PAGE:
According to the Administrative Office of the United States Courts, at least 500,000 people in the U.S. file for personal bankruptcy each year. Even though that number is so high, bankruptcy is not talked about frequently and is often seen as a shameful or embarrassing thing to go through. Because of the relative silence surrounding filing for bankruptcy, myths abound about the impact that bankruptcy has on a person or their finances. Consider these four common myths and the truth behind them.
Myth 1: You’ll Be Free of All Debts After Filing
One common misconception is that following either Chapter 7 or 13, you will be relieved of all your debts. This is untrue. While you will find relief from most of your debts (credit card balances, personal loans and medical bills), by filing for bankruptcy, you will still be responsible for personal debts, which include child support, taxes and any court rulings related to fraud. Additionally, you will likely still be responsible for any student loans you have.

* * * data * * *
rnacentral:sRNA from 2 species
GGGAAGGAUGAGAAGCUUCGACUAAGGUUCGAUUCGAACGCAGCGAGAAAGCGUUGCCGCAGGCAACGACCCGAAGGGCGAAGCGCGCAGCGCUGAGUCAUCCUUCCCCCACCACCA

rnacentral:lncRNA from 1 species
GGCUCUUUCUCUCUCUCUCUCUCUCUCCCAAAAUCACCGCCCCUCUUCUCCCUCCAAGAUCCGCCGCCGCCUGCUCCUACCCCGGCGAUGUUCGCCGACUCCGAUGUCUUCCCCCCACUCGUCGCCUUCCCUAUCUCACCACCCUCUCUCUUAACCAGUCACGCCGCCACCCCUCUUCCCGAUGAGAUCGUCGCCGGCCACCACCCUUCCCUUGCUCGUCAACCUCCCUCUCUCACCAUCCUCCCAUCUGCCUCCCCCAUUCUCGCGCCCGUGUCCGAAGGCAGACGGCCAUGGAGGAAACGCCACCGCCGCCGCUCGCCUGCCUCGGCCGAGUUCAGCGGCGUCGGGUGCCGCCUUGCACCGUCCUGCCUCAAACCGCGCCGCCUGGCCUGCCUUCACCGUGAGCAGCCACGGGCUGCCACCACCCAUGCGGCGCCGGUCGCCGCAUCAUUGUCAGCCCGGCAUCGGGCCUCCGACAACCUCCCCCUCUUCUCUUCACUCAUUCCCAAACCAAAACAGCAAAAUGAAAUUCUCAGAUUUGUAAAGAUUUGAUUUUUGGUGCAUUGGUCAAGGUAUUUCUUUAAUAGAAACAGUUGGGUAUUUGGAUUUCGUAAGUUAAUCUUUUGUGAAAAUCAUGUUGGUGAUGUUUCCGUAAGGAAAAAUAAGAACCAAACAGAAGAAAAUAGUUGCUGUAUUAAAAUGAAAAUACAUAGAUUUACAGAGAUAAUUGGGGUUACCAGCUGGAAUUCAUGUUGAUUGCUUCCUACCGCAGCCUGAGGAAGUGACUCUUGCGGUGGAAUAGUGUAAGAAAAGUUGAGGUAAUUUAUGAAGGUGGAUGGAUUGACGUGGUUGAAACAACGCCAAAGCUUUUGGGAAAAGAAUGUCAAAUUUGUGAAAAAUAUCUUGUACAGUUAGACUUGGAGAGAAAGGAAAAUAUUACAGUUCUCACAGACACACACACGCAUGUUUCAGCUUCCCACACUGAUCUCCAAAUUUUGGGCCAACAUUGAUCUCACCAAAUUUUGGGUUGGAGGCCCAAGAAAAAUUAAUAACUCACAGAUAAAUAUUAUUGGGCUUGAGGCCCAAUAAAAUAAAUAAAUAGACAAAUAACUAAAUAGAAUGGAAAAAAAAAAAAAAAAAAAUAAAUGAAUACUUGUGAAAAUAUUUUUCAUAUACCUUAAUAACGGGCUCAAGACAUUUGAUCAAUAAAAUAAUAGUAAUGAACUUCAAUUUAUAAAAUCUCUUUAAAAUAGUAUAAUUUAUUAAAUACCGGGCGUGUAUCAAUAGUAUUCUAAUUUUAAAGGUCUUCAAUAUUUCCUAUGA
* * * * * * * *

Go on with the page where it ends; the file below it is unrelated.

Myth 2: You Will Lose Everything
Some people are afraid to file for bankruptcy because they believe they will have to forfeit their car, house and personal assets. Assets necessary for living, such as a house, are typically considered exempt, which means you’ll be allowed to keep it. However, if you have a luxury vehicle, the court may require you to put it up for auction. What about expensive equipment you have, such as a surround-sound system for your OLED television? Most creditors don’t want to deal with auctioning items like that off, so you’ll probably be allowed to keep them. If you’re concerned about what will stay and go, talk to a bankruptcy lawyer Rockville MD.
Myth 3: Your Financial Future Will Be Ruined
Filing for bankruptcy does not signal the end of your financial future. It’s the opposite: an opportunity to start fresh unencumbered by stressful debt. Yes, you will have to rebuild your credit and will probably even see an increase in interest rates on credit cards and personal loans, but your credit score will come back if you pay your bills on time.
Myth 4: You Are Bad With Money
There is so much judgment surrounding bankruptcy, but did you know that nearly 60% of people who file for personal bankruptcy did so because they had crippling medical debt? Regardless of your financial situation, filing for bankruptcy should not be considered a personal failure but a chance to free yourself of unmanageable debt.